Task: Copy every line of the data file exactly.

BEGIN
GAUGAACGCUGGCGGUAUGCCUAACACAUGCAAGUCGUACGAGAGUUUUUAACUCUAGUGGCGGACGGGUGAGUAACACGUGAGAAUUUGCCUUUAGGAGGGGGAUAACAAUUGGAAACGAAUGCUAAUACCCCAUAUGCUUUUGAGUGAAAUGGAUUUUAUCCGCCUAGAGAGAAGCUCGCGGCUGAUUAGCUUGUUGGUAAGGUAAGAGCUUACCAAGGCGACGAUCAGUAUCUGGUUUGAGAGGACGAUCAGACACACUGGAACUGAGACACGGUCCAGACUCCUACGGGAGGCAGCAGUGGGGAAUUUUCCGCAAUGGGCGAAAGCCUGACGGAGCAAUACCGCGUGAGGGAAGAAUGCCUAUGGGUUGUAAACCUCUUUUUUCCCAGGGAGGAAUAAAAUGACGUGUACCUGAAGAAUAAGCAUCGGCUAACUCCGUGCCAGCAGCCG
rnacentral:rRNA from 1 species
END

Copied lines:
GAUGAACGCUGGCGGUAUGCCUAACACAUGCAAGUCGUACGAGAGUUUUUAACUCUAGUGGCGGACGGGUGAGUAACACGUGAGAAUUUGCCUUUAGGAGGGGGAUAACAAUUGGAAACGAAUGCUAAUACCCCAUAUGCUUUUGAGUGAAAUGGAUUUUAUCCGCCUAGAGAGAAGCUCGCGGCUGAUUAGCUUGUUGGUAAGGUAAGAGCUUACCAAGGCGACGAUCAGUAUCUGGUUUGAGAGGACGAUCAGACACACUGGAACUGAGACACGGUCCAGACUCCUACGGGAGGCAGCAGUGGGGAAUUUUCCGCAAUGGGCGAAAGCCUGACGGAGCAAUACCGCGUGAGGGAAGAAUGCCUAUGGGUUGUAAACCUCUUUUUUCCCAGGGAGGAAUAAAAUGACGUGUACCUGAAGAAUAAGCAUCGGCUAACUCCGUGCCAGCAGCCG
rnacentral:rRNA from 1 species